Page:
A pair of mourning doves nested in a light fixture on the patio at our temporary apartment. The male bird busily carried twigs and detritus to build their home, and then the female settled in and waited. Three weeks later two little babies hatched. My husband named them Paloma and Paolo, an homage to Picasso. The family stayed with us for four or five weeks until the babies were strong enough to fly. When they left we kept the nest where it was, hoping that the birds would come back again to reuse it, but they didn’t. We did see four mourning doves this spring perched on the wrought-iron fence of our apartment. I’d like to believe that Paloma and Paolo are among them, but there is no way to know.

We are nearly finished with the rebuild. A joyous riot of color and texture has replaced a subdued and cautious palette: an exciting fuchsia and gold Tibetan rug in my office, an apple- green Indian rug in the living room with ikat accent pillows on the side chairs in purple and green, ottomans made out of faux horsehair dyed purple, silvery draperies on the windows, a waterfall chandelier in the dining room, adobe walls in my husband’s office to complement a sage, English leather sofa that feels like butter. The wall in the Zen bamboo garden has been painted an eggplant purple.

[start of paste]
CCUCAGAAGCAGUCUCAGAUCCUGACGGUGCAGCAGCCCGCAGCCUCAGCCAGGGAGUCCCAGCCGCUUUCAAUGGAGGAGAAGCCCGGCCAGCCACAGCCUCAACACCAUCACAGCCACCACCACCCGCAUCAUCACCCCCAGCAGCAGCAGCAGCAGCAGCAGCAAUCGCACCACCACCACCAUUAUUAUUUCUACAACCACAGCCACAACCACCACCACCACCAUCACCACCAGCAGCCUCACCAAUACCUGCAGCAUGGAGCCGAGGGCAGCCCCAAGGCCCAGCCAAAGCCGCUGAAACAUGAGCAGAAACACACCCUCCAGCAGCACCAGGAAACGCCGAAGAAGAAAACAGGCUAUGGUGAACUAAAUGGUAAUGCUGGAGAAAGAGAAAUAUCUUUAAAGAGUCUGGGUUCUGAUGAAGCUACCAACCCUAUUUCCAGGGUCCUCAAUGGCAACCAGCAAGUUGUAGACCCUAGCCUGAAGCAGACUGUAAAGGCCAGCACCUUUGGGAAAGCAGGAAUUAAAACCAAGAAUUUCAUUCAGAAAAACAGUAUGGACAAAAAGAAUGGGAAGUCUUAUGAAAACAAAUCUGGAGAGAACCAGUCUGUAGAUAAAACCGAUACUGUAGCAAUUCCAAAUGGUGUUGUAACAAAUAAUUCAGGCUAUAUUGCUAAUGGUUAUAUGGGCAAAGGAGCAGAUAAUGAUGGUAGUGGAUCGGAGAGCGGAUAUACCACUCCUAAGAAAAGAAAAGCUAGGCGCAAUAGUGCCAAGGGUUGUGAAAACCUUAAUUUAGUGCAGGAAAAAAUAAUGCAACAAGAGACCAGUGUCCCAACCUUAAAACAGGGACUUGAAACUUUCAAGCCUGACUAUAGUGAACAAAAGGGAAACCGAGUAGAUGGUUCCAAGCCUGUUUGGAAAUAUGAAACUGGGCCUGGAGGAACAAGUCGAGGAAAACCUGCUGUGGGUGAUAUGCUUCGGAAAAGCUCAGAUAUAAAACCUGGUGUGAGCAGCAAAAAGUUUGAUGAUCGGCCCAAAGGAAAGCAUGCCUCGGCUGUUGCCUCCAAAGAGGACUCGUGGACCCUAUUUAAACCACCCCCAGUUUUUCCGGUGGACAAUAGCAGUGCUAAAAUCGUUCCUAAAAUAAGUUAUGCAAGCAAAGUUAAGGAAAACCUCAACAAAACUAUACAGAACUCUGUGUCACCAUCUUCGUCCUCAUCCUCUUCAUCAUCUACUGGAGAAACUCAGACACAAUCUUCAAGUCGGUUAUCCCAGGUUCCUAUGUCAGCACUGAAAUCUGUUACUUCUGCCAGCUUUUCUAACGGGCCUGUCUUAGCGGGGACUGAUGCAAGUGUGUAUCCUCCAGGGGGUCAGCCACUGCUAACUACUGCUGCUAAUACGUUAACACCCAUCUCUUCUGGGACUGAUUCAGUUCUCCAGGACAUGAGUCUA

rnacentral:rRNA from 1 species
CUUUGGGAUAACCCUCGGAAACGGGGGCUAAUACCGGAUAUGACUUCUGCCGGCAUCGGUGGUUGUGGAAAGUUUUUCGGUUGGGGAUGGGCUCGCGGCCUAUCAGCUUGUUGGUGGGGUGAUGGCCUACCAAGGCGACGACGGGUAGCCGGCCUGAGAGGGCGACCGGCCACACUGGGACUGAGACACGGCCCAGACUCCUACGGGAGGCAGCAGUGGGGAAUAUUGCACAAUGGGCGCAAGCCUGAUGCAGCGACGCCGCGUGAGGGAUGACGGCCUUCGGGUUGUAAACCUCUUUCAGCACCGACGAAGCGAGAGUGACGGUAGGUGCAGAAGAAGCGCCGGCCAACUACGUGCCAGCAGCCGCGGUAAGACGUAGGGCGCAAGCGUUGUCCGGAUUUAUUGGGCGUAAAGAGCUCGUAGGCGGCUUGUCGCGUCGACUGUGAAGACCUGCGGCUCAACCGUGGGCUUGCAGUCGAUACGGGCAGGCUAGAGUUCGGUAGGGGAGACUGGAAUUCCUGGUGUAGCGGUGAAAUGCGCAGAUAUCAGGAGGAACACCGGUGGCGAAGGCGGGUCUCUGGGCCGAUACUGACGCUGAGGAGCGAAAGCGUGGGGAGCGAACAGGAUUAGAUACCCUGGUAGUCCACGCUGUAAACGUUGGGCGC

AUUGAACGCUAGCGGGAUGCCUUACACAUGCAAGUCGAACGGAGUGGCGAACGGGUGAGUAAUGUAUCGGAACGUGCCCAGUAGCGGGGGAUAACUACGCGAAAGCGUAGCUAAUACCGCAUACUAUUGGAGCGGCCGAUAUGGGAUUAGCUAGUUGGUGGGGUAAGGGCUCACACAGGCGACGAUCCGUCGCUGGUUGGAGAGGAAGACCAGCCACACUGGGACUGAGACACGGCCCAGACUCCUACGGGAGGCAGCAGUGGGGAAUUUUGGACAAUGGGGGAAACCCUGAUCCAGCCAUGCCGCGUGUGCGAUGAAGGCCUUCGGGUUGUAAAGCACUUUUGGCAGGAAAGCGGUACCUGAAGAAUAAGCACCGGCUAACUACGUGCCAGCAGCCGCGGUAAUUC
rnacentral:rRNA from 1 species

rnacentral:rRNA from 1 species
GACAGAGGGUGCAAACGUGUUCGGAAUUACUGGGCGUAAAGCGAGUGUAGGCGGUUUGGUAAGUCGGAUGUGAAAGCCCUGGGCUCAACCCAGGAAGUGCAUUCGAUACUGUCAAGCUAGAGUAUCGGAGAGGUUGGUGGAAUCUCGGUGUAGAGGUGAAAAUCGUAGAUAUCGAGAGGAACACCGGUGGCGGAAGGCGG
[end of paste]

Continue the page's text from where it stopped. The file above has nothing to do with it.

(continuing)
The fire certainly tested our resilience. My husband I will drink a toast (is that the right word?) to having passed the test with flying colors. And we plan on inviting everyone, not to a “house warming,” but to what South Africans call a “roof wetting,” referring to the spray from a bottle of uncorked champagne.

Loren Stephens is the president of Write Wisdom, which provides ghostwriting and publishing services to her famous and not so famous clients. Her essays and short stories have appeared in the Los Angeles Times, the Chicago Tribune, the St. Louis Jewish Light, Peregrine, MacGuffin, Eclectica, the Summerset Review, and the Montreal Review to name but a few as well as the anthology Kicking in the Wall. She is an Emmy nominated documentary film producer. She was just nominated for a Pushcart Prize for her short story, “The Sushi Maker’s Daughter,” also the title of her debut novel.